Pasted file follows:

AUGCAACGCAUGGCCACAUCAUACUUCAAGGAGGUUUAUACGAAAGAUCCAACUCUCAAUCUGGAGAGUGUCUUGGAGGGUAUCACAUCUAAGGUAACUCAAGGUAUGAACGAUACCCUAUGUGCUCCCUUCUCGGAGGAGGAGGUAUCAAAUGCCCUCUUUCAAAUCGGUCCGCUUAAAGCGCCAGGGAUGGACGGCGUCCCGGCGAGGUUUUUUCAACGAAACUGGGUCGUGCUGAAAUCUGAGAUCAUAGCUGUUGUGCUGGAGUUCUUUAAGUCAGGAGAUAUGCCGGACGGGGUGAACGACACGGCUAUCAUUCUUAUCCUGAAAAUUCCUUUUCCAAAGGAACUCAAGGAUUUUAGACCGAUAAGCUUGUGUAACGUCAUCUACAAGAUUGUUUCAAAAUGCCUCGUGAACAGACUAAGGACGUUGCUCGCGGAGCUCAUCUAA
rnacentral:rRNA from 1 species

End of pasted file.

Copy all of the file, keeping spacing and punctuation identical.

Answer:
AUGCAACGCAUGGCCACAUCAUACUUCAAGGAGGUUUAUACGAAAGAUCCAACUCUCAAUCUGGAGAGUGUCUUGGAGGGUAUCACAUCUAAGGUAACUCAAGGUAUGAACGAUACCCUAUGUGCUCCCUUCUCGGAGGAGGAGGUAUCAAAUGCCCUCUUUCAAAUCGGUCCGCUUAAAGCGCCAGGGAUGGACGGCGUCCCGGCGAGGUUUUUUCAACGAAACUGGGUCGUGCUGAAAUCUGAGAUCAUAGCUGUUGUGCUGGAGUUCUUUAAGUCAGGAGAUAUGCCGGACGGGGUGAACGACACGGCUAUCAUUCUUAUCCUGAAAAUUCCUUUUCCAAAGGAACUCAAGGAUUUUAGACCGAUAAGCUUGUGUAACGUCAUCUACAAGAUUGUUUCAAAAUGCCUCGUGAACAGACUAAGGACGUUGCUCGCGGAGCUCAUCUAA
rnacentral:rRNA from 1 species